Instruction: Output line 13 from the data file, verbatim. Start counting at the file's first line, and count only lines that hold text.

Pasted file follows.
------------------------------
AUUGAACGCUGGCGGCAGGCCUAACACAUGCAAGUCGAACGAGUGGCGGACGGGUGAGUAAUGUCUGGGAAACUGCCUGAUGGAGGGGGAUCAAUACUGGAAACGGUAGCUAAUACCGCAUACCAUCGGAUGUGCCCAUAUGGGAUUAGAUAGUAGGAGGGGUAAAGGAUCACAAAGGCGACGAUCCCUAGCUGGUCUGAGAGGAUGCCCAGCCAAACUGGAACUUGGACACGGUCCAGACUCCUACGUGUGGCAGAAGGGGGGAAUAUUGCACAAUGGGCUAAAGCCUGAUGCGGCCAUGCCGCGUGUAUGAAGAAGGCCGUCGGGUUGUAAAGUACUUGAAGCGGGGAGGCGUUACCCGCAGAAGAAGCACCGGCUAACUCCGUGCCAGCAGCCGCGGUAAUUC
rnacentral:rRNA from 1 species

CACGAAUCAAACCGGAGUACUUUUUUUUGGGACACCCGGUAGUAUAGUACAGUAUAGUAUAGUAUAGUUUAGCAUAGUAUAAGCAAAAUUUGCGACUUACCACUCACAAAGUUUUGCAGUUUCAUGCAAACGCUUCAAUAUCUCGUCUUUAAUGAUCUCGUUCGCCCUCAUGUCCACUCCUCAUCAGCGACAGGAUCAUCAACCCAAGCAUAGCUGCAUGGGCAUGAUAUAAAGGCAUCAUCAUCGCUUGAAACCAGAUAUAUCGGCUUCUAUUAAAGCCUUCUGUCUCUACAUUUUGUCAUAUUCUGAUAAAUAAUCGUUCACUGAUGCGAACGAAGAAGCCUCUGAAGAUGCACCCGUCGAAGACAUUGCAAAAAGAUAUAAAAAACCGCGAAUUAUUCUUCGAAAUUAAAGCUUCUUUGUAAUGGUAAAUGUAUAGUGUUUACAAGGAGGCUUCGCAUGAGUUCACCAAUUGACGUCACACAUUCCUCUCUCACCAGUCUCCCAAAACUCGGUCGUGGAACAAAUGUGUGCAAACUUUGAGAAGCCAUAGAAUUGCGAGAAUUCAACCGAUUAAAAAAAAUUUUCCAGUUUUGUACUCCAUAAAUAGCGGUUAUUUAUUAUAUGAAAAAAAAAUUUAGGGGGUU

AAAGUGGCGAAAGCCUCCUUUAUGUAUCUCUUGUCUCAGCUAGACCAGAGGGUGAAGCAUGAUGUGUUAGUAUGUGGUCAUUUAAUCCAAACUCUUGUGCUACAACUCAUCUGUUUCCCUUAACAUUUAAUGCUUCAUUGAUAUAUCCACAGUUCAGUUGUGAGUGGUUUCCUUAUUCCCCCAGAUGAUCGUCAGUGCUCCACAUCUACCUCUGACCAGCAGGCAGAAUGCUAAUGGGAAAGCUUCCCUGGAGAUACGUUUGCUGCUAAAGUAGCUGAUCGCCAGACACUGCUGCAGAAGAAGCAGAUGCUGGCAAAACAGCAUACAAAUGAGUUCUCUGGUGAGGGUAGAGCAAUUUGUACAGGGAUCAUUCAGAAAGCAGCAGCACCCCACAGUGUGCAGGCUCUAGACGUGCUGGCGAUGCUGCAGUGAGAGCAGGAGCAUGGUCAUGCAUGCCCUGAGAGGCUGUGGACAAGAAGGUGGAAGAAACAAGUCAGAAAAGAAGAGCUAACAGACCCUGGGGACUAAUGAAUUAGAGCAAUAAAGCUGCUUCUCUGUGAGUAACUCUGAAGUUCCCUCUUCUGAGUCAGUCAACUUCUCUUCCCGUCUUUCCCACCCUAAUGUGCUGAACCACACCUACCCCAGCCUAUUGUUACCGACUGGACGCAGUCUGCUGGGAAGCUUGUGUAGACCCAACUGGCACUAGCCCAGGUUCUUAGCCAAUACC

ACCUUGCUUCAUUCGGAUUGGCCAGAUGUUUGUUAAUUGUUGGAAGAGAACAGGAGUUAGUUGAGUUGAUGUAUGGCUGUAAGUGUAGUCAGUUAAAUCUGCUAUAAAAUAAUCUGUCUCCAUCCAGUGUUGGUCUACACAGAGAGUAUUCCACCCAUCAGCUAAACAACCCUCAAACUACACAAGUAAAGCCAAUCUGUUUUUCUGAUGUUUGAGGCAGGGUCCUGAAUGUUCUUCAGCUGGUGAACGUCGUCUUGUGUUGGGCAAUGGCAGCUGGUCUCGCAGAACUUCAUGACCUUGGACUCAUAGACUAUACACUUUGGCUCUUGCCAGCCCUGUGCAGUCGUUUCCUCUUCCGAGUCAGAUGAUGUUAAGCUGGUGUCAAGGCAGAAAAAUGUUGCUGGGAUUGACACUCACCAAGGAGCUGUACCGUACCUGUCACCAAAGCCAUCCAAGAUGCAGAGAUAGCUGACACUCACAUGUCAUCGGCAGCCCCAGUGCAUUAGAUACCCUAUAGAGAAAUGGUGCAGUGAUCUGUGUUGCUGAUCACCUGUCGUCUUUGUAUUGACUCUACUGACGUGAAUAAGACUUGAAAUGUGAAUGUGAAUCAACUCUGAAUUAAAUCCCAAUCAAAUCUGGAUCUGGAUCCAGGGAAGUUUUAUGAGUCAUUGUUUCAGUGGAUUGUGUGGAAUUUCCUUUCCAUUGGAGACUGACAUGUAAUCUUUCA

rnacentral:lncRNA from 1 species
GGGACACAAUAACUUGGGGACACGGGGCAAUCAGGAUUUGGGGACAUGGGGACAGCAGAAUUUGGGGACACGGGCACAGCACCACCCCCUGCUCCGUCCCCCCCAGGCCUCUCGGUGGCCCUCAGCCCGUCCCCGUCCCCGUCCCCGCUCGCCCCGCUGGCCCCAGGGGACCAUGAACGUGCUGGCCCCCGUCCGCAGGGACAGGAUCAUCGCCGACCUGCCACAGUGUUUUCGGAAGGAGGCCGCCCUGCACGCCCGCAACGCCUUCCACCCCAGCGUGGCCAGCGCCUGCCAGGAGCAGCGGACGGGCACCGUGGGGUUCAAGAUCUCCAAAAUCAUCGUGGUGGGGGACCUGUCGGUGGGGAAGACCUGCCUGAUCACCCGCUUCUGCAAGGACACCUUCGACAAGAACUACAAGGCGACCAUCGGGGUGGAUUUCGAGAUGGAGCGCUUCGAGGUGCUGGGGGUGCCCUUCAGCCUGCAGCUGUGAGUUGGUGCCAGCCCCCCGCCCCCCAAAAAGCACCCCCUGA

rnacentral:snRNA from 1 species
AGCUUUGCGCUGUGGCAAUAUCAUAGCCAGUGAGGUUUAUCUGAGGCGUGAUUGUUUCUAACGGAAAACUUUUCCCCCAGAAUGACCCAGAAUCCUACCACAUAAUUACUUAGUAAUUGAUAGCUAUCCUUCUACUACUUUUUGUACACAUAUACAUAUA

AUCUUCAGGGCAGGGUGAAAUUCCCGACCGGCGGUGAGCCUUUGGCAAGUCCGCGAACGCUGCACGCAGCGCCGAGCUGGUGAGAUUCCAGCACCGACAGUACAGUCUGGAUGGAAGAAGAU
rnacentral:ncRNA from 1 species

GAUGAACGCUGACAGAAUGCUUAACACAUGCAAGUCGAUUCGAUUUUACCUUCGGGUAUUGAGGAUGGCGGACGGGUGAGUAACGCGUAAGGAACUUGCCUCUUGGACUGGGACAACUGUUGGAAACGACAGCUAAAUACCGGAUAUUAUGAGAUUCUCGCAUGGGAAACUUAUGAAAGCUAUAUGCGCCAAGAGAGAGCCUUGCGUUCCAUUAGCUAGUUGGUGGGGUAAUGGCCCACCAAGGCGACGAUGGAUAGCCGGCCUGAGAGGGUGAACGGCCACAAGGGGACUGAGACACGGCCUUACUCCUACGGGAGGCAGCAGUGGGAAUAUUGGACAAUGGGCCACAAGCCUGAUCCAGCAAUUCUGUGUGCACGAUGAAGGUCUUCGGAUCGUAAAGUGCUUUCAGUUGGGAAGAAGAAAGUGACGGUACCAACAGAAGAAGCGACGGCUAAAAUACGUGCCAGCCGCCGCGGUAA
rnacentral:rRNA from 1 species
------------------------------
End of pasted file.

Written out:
rnacentral:rRNA from 1 species